"We found diarrhea was caused by multiple infections more often than was appreciated before - often there were two, three or four infections on top of each other," said Eric Houpt, MD, of the UVA Division of Infectious Diseases and International Health.
noted that the new panel of assays offers improved diagnostic ability over the traditional approach.
"The old methods missed infections a lot of times," he
"There was more Shigella and toxin-producing E. coli than previously seen.
It's as though we are now able to see with glasses."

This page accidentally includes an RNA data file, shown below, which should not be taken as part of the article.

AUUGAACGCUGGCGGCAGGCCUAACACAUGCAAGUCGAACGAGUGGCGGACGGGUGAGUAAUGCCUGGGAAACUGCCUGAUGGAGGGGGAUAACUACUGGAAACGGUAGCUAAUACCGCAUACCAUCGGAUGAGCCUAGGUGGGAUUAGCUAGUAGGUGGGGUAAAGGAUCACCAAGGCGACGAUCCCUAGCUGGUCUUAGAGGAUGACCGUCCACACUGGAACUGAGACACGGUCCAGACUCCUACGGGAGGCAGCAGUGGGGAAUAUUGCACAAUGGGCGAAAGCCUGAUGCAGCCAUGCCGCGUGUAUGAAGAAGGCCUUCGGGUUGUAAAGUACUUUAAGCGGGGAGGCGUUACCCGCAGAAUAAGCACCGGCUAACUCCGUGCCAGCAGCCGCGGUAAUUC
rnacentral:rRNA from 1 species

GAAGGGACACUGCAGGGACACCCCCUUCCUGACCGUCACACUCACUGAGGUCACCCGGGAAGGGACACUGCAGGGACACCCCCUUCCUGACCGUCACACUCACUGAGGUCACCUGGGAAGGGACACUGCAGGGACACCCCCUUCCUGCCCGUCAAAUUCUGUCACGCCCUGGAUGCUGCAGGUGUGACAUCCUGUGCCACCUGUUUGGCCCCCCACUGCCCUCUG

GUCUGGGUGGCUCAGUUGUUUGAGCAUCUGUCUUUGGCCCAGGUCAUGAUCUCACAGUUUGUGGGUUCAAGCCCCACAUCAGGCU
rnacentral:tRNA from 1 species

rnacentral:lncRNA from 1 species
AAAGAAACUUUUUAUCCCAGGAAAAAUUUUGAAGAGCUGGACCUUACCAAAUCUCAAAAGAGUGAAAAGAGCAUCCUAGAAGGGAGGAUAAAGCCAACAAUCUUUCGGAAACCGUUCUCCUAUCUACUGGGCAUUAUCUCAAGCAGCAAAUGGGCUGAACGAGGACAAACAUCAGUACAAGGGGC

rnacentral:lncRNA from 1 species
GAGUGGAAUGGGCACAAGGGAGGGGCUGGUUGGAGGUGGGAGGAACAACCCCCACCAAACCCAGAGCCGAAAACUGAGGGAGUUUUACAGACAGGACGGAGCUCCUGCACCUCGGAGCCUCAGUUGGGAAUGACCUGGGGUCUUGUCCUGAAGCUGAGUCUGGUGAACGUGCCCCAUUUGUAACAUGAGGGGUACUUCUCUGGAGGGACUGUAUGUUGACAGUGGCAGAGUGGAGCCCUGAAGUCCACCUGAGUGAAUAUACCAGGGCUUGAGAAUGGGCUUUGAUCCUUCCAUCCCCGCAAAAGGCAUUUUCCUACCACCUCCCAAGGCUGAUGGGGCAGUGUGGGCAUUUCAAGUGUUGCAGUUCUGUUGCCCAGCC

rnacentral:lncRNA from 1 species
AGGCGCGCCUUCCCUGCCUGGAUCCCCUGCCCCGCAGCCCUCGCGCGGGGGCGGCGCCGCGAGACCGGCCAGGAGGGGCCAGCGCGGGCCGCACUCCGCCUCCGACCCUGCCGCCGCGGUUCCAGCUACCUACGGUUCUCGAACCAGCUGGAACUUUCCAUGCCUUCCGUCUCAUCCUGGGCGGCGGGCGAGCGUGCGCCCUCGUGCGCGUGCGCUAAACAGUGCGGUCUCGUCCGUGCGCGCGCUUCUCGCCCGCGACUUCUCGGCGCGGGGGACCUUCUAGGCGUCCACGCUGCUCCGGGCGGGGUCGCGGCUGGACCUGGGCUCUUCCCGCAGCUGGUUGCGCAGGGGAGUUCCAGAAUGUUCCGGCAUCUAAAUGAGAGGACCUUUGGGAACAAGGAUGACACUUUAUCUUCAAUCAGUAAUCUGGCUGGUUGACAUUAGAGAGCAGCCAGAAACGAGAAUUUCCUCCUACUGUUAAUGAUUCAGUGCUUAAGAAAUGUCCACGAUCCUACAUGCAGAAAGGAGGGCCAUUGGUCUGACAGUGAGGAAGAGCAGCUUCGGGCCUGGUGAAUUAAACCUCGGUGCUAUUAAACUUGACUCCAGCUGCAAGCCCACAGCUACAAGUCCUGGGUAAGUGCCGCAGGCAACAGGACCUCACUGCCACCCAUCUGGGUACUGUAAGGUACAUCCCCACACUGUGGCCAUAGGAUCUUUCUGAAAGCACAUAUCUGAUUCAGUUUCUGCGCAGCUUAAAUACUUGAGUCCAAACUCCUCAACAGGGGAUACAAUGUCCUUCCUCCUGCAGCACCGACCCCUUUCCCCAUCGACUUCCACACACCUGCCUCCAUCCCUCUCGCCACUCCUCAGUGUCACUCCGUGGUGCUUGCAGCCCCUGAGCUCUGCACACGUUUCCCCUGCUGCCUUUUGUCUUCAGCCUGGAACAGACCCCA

Perhaps even more importantly, the new approach offered invaluable insights into how severe an infection needed to be to cause symptoms.
"Our methods were able to not just detect infections but quantify how much was there, and that proved to be critical," Houpt
It was authored by UVA
's Liu, Jean Gratz, Steve M. Becker, Darwin J. Operario, Mami Taniuchi, Lalitha Janaki, James A. Platts-Mills, Doris M. Haverstick and Houpt
, in collaboration with colleagues in Pakistan, The Gambia, Thailand, Bangladesh and Tanzania.